Ontario Highway Traffic Act doesn’t define a U-turn, but Michael Robinson was found guilty for disobeying a ‘no U-turn’ sign after doing a three-point turn.Most people know what a U-turn is when they see one, but if you asked the province of Ontario for a definition of the manoeuvre, it wouldn’t have an answer.
Brampton resident Michael Robinson realized this in September 2015 when he was on his way to pick up his wife from her job at Wal-Mart, driving north on Sunforest Dr. He turned left into a driveway, reversed his car and proceeded south — a standard three-point turn.
Robinson was pulled over by a Peel Region police officer for disobeying a “No U-turn” sign and given a ticket.
But is a three-point turn also a U-turn? The police say yes, even though the Ontario Highway Traffic Act does not offer a clear definition of a U-turn or a three-point turn.
Robinson disagreed so he fought the ticket in court.
A three-point turn, Robinson argued in court, is a series of manoeuvres, while a U-turn is one continuous motion.
“It does not take rocket science and a higher education to understand the shape of a U in our alphabet,” Robinson told the Star in an interview. “Unfortunately the vagueness and ambiguity within our laws allows different interpretations . . . The goal is about road safety. I believe that I practised very good road manners and safety.”
The officer who pulled him over testified that Robinson did a U-turn because his vehicle did not fully leave the roadway during the three-point turn.
Neither argument was central to the verdict.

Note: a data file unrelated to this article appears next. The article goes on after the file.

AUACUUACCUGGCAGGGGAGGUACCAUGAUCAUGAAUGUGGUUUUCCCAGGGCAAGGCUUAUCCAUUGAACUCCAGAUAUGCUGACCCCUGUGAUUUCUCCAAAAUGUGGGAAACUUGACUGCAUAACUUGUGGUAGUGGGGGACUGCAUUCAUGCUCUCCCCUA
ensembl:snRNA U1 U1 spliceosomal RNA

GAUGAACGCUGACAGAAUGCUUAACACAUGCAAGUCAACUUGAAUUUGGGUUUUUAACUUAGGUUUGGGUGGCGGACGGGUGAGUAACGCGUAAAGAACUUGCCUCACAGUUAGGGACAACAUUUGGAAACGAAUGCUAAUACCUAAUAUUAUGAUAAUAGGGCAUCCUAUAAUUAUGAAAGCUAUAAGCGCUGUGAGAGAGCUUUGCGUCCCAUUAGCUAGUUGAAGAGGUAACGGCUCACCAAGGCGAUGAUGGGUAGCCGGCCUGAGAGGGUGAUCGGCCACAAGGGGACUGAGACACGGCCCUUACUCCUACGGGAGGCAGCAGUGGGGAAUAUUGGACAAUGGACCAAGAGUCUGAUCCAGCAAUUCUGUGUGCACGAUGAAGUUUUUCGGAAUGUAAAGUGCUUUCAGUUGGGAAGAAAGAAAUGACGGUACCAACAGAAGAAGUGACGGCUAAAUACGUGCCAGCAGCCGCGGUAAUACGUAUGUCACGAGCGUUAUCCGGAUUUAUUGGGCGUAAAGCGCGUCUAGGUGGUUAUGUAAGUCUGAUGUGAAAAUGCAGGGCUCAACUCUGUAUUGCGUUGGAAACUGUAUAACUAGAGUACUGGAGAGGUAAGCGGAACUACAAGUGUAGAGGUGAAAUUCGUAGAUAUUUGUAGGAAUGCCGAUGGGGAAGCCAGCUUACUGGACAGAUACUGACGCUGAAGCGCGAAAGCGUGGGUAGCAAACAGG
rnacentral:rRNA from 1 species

On Aug. 18, Robinson was found guilty of disobeying a sign.
Section 143 of the Highway Traffic Act refers to a U-turn as a turn “so as to proceed in the opposite direction,” and that was what led to Robinson’s charge.
Justice of the Peace Richard Quon heard the case and produced a 42-page ruling, which concluded: “A three-point turn as a driving manoeuvre is not defined in the Highway Traffic Act . . . and as such, a three-point turn for the purposes of the Highway Traffic Act is not legally distinct from a U-turn manoeuvre.
“The defendant’s turns and driving manoeuvre . . . constitute a U-turn manoeuvre within the meaning of the Highway Traffic Act, since their purpose had been to facilitate the motor vehicle turning around to proceed in the opposite direction.”
Robinson said he was given two demerit points, but the usual fine of $85 was waived.
The Ministry of Transportation told the Star that Robinson “was charged with changing the direction of travel . . . regardless of the matter in which the change was executed. This type of manoeuvre was prohibited at the location.”
Jordan Donich, a traffic lawyer at Donich Law in Toronto who wasn’t part of the case, told the Star that a driver’s intent to turn around is more important than the manoeuvre itself.
“How ridiculous would it be if all someone would need to get around an illegal U-turn would be to stop two or three times along the way?” Donich asked. “The U-turn is there not necessarily to prevent a U-turn necessarily, it’s because it’s unsafe to make a 180 and proceed the other way . . . it’s not so much about the manner in how you turn.”
Donich said that the absence of a definition of a U-turn is intentional.
“They want to have liberal interpretation of your behaviour. If it’s too clearly defined, people can then create a conduct that may not fit the definition and get off free.”
Daniel Slovak, a paralegal at Traffic Ticket Knights in Markham, also agreed with the ruling.
“He was trying complete something illegal by maneuvering in a different way, he should have been a little bit more creative,” Slovak said. “I would have pulled into the driveway. I would count, one Mississippi, two Mississippi, three Mississippi.”
Robinson is still frustrated by the decision.
“It was based not on constitutional or charter law but a vague common law practice of favouring breach ‘intent of the law,’ ” Robinson said. “Had I the time or funds I would pursue it further.
“In the end the little guy suffers. Those who are unaware just go on paying fines.”
Source: The Toronto Star